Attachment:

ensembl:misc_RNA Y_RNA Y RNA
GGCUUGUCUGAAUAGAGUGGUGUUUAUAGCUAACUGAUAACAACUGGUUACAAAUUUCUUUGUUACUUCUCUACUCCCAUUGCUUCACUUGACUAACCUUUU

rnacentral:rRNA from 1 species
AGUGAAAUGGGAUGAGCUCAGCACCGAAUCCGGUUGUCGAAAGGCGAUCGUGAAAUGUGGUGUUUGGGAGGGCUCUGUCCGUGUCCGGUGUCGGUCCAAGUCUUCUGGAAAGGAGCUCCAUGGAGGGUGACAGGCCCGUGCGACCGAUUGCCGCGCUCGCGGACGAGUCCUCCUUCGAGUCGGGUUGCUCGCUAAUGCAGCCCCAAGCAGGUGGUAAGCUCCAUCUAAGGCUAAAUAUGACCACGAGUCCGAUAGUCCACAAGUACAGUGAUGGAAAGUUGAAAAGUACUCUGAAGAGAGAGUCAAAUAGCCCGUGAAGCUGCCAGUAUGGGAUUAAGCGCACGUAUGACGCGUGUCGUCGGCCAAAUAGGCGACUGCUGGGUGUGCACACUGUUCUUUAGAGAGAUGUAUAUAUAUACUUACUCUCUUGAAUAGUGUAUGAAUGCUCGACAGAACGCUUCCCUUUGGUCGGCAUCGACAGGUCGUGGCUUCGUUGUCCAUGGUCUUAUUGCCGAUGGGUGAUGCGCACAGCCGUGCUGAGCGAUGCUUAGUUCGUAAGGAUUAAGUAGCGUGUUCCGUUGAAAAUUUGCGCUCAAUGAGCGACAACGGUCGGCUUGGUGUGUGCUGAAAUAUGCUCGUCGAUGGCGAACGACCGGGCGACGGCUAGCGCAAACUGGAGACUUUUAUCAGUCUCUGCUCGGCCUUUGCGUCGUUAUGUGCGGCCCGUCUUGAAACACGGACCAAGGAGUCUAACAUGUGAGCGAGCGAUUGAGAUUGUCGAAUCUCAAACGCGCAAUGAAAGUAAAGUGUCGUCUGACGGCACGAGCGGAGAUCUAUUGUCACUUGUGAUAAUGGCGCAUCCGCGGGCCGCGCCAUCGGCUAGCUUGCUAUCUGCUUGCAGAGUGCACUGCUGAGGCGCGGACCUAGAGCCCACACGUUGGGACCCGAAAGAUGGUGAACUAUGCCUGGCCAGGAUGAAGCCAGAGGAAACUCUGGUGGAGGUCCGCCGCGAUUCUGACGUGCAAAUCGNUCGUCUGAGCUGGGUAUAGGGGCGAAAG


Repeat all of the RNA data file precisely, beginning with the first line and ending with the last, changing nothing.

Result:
ensembl:misc_RNA Y_RNA Y RNA
GGCUUGUCUGAAUAGAGUGGUGUUUAUAGCUAACUGAUAACAACUGGUUACAAAUUUCUUUGUUACUUCUCUACUCCCAUUGCUUCACUUGACUAACCUUUU

rnacentral:rRNA from 1 species
AGUGAAAUGGGAUGAGCUCAGCACCGAAUCCGGUUGUCGAAAGGCGAUCGUGAAAUGUGGUGUUUGGGAGGGCUCUGUCCGUGUCCGGUGUCGGUCCAAGUCUUCUGGAAAGGAGCUCCAUGGAGGGUGACAGGCCCGUGCGACCGAUUGCCGCGCUCGCGGACGAGUCCUCCUUCGAGUCGGGUUGCUCGCUAAUGCAGCCCCAAGCAGGUGGUAAGCUCCAUCUAAGGCUAAAUAUGACCACGAGUCCGAUAGUCCACAAGUACAGUGAUGGAAAGUUGAAAAGUACUCUGAAGAGAGAGUCAAAUAGCCCGUGAAGCUGCCAGUAUGGGAUUAAGCGCACGUAUGACGCGUGUCGUCGGCCAAAUAGGCGACUGCUGGGUGUGCACACUGUUCUUUAGAGAGAUGUAUAUAUAUACUUACUCUCUUGAAUAGUGUAUGAAUGCUCGACAGAACGCUUCCCUUUGGUCGGCAUCGACAGGUCGUGGCUUCGUUGUCCAUGGUCUUAUUGCCGAUGGGUGAUGCGCACAGCCGUGCUGAGCGAUGCUUAGUUCGUAAGGAUUAAGUAGCGUGUUCCGUUGAAAAUUUGCGCUCAAUGAGCGACAACGGUCGGCUUGGUGUGUGCUGAAAUAUGCUCGUCGAUGGCGAACGACCGGGCGACGGCUAGCGCAAACUGGAGACUUUUAUCAGUCUCUGCUCGGCCUUUGCGUCGUUAUGUGCGGCCCGUCUUGAAACACGGACCAAGGAGUCUAACAUGUGAGCGAGCGAUUGAGAUUGUCGAAUCUCAAACGCGCAAUGAAAGUAAAGUGUCGUCUGACGGCACGAGCGGAGAUCUAUUGUCACUUGUGAUAAUGGCGCAUCCGCGGGCCGCGCCAUCGGCUAGCUUGCUAUCUGCUUGCAGAGUGCACUGCUGAGGCGCGGACCUAGAGCCCACACGUUGGGACCCGAAAGAUGGUGAACUAUGCCUGGCCAGGAUGAAGCCAGAGGAAACUCUGGUGGAGGUCCGCCGCGAUUCUGACGUGCAAAUCGNUCGUCUGAGCUGGGUAUAGGGGCGAAAG